Melvin J. Hinich, Michael C. Munger
New Issues and the Dynamics of Political Choice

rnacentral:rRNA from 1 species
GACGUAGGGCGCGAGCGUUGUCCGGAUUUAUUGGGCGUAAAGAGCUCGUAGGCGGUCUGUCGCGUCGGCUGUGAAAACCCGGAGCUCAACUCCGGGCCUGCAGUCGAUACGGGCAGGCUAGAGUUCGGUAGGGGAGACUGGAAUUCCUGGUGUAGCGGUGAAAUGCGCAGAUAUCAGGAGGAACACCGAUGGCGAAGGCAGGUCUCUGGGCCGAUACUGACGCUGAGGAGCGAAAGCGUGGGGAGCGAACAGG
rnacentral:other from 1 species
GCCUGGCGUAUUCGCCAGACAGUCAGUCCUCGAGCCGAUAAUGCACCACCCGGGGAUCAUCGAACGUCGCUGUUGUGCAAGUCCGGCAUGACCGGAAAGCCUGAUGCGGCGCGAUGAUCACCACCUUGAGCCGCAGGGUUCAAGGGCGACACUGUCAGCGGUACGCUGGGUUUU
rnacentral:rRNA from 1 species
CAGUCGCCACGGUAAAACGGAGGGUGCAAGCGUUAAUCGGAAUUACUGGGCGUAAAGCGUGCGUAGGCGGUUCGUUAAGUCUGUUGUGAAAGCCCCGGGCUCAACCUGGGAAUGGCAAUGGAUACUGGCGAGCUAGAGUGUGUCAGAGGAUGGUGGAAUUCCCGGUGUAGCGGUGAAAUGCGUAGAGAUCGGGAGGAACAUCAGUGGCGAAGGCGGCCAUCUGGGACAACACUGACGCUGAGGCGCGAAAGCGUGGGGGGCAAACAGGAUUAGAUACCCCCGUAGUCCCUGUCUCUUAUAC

Is any part of citizens' political "preferences" fixed? Is any part changeable? In this paper we argue that some kinds of "preferences" (basic issues and values) are relatively fixed, and that other kinds (ideological or party affiliation) are potentially fluid and malleable. We demonstrate this by adapting the theoretical spatial model of ideology to account for the introduction of a "new" issue. Basic parameters that influence the change in the voter's induced ideal point along the ideological dimension are derived. These include the difference between the status quo and the voter's ideal point on the new policy, the weight given the new policy in the voter's utility function, and size of the mapping between the policy and the prevailing ideology. The implications for political strategies are discussed, including a distinction that has not been made in previous work: issues accounted for by the existing ideological split change positions of candidates, while issues outside the prevailing ideology change the policy space itself.